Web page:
World War I

When the First World War broke out Golgi was already quite old. However he took the responsibility of directing a Military Hospital in Pavia. He created a neuro-pathological and mechano-therapeutical center to study and treat peripheral nerve lesions and also to rehabilitate the wounded.

The Nobel Prize

In 1906 Camillo Golgi and Santiago Ramon y Cajal jointly shared the Nobel Prize in Physiology or medicine for their work on the structure of the nervous system.

Other honours

There is a hall dedicated to Camillo Golgi in the Historical Museum of the University of Pavia. He received many honours and degrees from several European Universities. More than eighty certificates of honour, degrees, diplomas and awards including the Nobel diploma received by him are displayed in this hall.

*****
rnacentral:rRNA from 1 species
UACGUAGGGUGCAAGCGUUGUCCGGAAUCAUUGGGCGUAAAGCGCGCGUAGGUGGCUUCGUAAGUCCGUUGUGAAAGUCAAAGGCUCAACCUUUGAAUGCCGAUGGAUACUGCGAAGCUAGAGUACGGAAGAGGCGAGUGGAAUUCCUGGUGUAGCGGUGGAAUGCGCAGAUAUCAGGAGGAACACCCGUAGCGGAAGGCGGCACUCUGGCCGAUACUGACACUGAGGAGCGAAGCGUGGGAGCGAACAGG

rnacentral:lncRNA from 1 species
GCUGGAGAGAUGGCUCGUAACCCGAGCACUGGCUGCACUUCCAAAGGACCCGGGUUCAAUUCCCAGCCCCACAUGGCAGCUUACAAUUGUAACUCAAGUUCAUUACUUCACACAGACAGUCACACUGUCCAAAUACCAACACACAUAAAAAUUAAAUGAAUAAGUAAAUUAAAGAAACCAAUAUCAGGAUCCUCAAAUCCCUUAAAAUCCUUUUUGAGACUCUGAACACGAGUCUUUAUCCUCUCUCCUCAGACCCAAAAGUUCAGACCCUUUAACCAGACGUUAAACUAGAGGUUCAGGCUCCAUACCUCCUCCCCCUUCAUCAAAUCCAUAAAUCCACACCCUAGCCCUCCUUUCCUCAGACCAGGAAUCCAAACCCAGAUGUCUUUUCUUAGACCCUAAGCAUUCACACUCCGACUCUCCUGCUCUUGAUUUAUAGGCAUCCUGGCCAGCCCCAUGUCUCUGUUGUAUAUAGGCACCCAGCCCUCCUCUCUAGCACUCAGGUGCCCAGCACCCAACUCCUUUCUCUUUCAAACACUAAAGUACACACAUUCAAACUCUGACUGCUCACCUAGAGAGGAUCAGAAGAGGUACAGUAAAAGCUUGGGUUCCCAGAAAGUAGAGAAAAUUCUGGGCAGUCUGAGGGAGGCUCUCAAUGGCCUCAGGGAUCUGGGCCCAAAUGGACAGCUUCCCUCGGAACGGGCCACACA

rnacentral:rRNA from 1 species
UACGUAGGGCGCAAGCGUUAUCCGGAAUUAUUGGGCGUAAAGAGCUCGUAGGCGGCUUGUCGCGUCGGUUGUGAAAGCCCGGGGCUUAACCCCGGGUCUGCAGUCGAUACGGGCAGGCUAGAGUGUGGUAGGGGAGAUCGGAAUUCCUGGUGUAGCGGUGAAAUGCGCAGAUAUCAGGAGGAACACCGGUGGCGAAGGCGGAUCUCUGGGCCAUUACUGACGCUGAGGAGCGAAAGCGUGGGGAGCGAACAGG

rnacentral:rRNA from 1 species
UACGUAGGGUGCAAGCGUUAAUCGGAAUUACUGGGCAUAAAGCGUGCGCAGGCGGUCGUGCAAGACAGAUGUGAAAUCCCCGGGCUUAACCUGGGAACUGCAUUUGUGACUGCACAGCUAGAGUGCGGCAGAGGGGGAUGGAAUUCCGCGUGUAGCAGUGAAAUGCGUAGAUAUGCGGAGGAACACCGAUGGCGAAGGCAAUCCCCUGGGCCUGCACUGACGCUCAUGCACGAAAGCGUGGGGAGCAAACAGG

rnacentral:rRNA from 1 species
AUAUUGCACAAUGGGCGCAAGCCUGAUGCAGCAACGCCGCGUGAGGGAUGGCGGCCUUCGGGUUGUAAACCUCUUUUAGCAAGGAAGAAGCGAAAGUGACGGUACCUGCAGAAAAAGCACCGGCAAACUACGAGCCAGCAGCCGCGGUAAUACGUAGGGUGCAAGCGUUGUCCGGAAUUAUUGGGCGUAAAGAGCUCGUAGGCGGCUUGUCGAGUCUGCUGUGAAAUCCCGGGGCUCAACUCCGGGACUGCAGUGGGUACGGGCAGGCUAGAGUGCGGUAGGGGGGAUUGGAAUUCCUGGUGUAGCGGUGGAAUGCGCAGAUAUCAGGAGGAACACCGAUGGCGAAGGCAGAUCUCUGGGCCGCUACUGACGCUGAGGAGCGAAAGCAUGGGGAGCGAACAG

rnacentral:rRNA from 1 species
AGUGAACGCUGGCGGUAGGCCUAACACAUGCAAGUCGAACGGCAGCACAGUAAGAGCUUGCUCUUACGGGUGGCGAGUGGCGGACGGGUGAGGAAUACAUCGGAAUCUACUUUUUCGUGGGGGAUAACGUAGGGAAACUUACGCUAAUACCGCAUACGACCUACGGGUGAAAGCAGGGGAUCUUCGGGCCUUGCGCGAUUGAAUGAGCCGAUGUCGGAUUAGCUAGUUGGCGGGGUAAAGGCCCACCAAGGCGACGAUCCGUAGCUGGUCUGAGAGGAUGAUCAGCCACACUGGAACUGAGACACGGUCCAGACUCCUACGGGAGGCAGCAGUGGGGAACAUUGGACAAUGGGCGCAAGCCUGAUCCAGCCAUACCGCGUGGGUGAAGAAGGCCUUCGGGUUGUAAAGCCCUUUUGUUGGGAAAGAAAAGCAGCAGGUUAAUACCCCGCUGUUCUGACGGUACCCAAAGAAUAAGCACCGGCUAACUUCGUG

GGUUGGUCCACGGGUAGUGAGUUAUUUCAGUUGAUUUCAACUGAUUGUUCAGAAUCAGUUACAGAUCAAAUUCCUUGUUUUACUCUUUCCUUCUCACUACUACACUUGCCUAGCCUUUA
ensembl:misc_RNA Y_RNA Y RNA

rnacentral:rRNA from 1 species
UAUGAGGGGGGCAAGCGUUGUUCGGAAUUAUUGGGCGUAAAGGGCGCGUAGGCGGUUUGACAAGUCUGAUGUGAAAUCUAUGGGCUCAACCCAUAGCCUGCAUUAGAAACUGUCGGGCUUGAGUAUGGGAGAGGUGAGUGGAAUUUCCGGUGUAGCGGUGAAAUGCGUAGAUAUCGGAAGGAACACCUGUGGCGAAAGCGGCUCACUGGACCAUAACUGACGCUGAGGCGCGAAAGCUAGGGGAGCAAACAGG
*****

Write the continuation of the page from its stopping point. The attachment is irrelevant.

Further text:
He became a senator in 1900.

In 1994 the Ufficio Principale Filatelico in Rome, Italy issued a stamp in honour of Camillo Golgi, the first Italian Nobel laureate in Physiology or Medicine.

His major influence on others

Camillo Golgi had a strong and positive influence on many people. He was an excellent and popular teacher. He encouraged many research scientists in his laboratory. Many of those whom he influenced and helped went on to achieve a lot in their personal and professional lives.

The Norwegian histologist and explorer Fridtjof Nansen was one of his foreign guest and student. Nansen went on to win the Nobel Prize for Peace in 1922. Adelchi Negri discovered the intra neuronal inclusions in Golgi’s laboratory. These were named Negri bodies after him and represent specific features of rabies and provide a histopathological criterion for this infection. It was in Golgi’s lab that Emilio Veratti described for the first time the sacroplasmic reticulum in skeletal muscle fibres.